Linked by Thom Holwerda on Thu 16th Apr 2009 19:54 UTC
General Unix Even though the old-world UNIX operating systems, like IRIX and HP-UX, have been steadily losing ground to Linux for a long time now, they do still get updated and improved. HP-UX 11i v3 is supposed to get update 4 tomorrow, with a host of new features that won't excite you if you're used to Linux, but they're still pretty useful for HP-UX users.
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THIS NEWS ISN'T ABOUT LINUX
by puenktchen on Thu 16th Apr 2009 20:53 UTC
puenktchen
Member since:
2007-07-27

linux .. linux .. linux .. doesn't even run on many hp-servers. maybe because it doesn't scale well enough (don't kill me, it's just a guess. i don't know shit). for example, your options for the "HP Integrity Superdome with sx1000 chipset—64 processor/128 core server" are:

HP-UX 11i v3 and HP-UX 11i v2;
Microsoft® Windows® Server 2008 for Intel® Itanium®-based systems;
No Linux support
OpenVMS v8.3; OpenVMS v8.3-1H1

Reply Score: 3

RE: THIS NEWS ISN'T ABOUT LINUX
by kragil on Thu 16th Apr 2009 21:01 in reply to "THIS NEWS ISN'T ABOUT LINUX"
kragil Member since:
2006-01-04
dvzt Member since:
2008-10-23



Yes, Linux is frequently used on supercomputers, because it's free and there is source code available so it can be modified to work with custom machines. What's your point?

Reply Parent Score: 2

Delgarde Member since:
2008-08-19



The link on it's own isn't much of a demonstration of scalability, since while Linux makes up a huge proportion of those systems, it doesn't distinguish between massively parallel machines versus clusters of cheap hardware.

That said, they're there. Number #3 on the list is an SGI Altix box, apparently running SUSE. Number #6 is a an array of Sun hardware running CentOS. Number #9 is Cray hardware, again running SUSE. All three are massively parallel setups, all with 10000+ cores.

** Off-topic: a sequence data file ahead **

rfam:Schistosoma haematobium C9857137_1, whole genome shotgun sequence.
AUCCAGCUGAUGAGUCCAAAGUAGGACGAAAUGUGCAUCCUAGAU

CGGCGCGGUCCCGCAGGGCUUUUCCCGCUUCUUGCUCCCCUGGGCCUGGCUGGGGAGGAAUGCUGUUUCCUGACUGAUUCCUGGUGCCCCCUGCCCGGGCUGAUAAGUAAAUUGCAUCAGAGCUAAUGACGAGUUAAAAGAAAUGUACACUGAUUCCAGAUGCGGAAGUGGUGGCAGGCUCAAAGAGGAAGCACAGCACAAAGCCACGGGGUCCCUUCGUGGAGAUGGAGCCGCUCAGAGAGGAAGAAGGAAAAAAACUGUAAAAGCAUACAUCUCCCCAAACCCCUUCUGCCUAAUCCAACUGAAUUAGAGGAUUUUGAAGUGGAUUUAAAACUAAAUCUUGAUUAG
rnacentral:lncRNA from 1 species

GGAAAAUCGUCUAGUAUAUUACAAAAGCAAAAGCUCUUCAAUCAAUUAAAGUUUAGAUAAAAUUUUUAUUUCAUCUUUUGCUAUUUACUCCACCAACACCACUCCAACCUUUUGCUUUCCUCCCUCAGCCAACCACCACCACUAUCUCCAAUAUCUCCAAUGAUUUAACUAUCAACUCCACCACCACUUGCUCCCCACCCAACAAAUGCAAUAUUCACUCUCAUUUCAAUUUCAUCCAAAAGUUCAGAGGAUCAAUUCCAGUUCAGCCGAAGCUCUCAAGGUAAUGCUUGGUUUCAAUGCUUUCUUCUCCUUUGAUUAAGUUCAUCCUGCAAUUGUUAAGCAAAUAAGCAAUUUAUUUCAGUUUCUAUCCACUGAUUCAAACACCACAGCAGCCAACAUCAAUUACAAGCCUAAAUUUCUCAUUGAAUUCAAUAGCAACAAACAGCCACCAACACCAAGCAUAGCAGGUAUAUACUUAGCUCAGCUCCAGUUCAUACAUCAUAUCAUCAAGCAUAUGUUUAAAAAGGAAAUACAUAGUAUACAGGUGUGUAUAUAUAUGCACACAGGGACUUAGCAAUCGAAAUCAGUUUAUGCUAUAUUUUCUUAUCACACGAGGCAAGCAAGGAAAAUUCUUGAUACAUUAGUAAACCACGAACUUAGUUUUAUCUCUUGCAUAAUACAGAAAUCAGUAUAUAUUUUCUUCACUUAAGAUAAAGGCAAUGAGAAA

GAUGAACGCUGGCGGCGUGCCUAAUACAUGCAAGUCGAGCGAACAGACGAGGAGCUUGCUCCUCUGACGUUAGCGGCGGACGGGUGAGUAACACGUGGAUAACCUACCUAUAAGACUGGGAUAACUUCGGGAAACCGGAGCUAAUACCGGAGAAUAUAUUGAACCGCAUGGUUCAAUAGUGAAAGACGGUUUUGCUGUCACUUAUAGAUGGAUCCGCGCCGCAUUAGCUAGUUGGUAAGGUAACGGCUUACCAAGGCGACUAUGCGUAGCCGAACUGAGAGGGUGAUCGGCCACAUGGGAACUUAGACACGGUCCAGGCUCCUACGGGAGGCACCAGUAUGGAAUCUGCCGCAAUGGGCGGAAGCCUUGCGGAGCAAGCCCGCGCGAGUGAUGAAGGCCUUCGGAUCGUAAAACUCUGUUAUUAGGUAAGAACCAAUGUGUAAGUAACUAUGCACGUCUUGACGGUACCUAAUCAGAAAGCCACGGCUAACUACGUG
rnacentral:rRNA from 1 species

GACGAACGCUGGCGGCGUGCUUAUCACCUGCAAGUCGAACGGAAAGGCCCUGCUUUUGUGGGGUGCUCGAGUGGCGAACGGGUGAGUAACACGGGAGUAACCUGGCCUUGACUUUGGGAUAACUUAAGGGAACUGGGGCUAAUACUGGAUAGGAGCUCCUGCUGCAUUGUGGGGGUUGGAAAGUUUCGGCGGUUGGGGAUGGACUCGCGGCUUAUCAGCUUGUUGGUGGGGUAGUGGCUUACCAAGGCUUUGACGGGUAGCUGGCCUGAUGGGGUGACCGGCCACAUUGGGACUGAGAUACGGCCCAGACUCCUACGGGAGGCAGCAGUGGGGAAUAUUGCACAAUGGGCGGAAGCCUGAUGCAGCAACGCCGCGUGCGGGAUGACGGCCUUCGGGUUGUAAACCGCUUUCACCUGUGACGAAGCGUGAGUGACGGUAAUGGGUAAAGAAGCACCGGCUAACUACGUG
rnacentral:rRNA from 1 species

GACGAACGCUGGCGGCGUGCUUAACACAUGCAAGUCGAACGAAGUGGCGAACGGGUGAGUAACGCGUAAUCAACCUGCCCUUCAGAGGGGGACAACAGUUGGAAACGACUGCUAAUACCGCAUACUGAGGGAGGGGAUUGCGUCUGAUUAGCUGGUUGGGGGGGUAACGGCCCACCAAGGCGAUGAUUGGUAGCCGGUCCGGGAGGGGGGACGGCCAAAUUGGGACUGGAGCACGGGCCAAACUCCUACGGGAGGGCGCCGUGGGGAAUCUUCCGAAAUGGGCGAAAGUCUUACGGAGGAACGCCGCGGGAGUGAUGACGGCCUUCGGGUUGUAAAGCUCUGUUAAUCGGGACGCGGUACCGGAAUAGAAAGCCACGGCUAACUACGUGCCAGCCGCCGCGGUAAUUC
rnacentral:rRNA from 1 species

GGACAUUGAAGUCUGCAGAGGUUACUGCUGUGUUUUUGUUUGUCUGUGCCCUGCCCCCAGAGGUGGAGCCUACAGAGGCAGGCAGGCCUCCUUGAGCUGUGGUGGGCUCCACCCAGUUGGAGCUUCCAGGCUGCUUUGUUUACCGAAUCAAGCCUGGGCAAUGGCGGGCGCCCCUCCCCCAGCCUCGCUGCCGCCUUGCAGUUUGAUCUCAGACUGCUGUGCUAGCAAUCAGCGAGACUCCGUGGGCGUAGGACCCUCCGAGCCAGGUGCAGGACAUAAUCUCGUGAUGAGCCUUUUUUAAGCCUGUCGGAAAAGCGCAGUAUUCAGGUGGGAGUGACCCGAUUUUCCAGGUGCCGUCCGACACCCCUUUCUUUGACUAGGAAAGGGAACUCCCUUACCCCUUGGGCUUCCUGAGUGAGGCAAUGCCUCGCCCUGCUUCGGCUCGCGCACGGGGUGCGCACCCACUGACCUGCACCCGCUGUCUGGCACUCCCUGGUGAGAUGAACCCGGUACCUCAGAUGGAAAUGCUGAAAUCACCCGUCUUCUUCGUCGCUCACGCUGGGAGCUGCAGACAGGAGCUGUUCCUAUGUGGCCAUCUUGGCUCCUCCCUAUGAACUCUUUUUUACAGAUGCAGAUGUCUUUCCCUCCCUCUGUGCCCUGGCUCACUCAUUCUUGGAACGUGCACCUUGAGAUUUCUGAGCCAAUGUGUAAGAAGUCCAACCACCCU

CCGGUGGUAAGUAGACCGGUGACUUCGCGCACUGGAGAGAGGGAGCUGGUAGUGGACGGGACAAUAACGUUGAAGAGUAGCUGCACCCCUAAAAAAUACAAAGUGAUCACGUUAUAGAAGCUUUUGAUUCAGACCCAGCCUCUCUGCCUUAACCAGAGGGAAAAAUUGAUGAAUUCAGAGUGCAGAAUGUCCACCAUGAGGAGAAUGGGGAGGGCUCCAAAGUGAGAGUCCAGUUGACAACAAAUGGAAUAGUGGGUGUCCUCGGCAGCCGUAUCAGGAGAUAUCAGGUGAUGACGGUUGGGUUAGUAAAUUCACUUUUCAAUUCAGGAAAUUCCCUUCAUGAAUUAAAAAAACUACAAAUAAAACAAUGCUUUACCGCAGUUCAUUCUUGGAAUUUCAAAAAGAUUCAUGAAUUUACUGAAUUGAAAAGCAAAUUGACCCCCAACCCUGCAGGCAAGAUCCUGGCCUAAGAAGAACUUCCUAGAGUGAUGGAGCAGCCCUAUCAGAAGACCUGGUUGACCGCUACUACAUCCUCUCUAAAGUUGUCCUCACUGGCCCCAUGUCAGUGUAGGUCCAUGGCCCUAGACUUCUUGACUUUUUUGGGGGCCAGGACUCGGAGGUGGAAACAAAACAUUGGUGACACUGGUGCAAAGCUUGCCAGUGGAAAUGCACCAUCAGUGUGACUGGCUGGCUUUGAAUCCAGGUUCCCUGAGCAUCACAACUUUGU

Reply Parent Score: 1

kaiwai Member since:
2005-07-06



And how does massive clusters prove anything in the way of scalability? scalability is the ability to efficiently scale in a single image over a large number of processors. Although a lot of this is dependent on the quality of the code itself regarding the user space applications running - at the same time being able to detect 512 CPU's and then being able to spread a load efficiently over the whole thing is a different matter entirely.

As for HP-UX, the only people who are keeping it around are basically those who need the legacy support - apart from that there are very few 'new customers' whom one can point to who are purchasing HP-UX brand new for the first time (or upgrading their existing hardware without major consideration over moving the work to a Windows or Linux server).

I've always thought that the best course of action would be for HP and IBM to merge their operating systems with OpenSolaris and come up with a single UNIX specification that can rule them all - with the differentiating factor coming from the administration tools and the hardware sits underneath it all. I doubt it'll happen but I think it is the best way to counter Windows and the growth of Linux in the enterprise by at least coming up with a single common UNIX implementation which spans over x86/x86-64, SPARC, POWER and Itanium.

Reply Parent Score: 3

RE: THIS NEWS ISN'T ABOUT LINUX
by akro on Thu 16th Apr 2009 21:19 in reply to "THIS NEWS ISN'T ABOUT LINUX"
akro Member since:
2005-07-06

Uh it is to supported... you must be pulling from the mx2 modules which are no longer sold

http://h18000.www1.hp.com/products/quickspecs/11717_div/11717_div.H...

RHEL 4 up to 128 cores and 2048GB RAM is supported...

Reply Parent Score: 2

RE: THIS NEWS ISN'T ABOUT LINUX
by gustl on Sun 19th Apr 2009 17:37 in reply to "THIS NEWS ISN'T ABOUT LINUX"
gustl Member since:
2006-01-19

Well, would not be too surprising to have a hardware which is custom made towards HP-UX which is NOT supported by Linux.
You need to write drivers for some of that stuff, and HP is not very deep into Linux.

The company I worked for had a HP Superdome replaced by a SGI Altix (with Linux), both of which worked fine.

HPUX for sure has it's merits, as has Linux. I once had the pleasure of having to work on a HPUX workstation with CDE on it as a desktop. While the HPUX Kernel was working approximately as stable as Linux (less stable than SGI IRIX), the CDE Desktop was amongst the worst, which means by far less usable and powerful than KDE or Gnome, and only slightly better than Windows. The only reason why it was better than Windows was virtual desktops.

Reply Parent Score: 3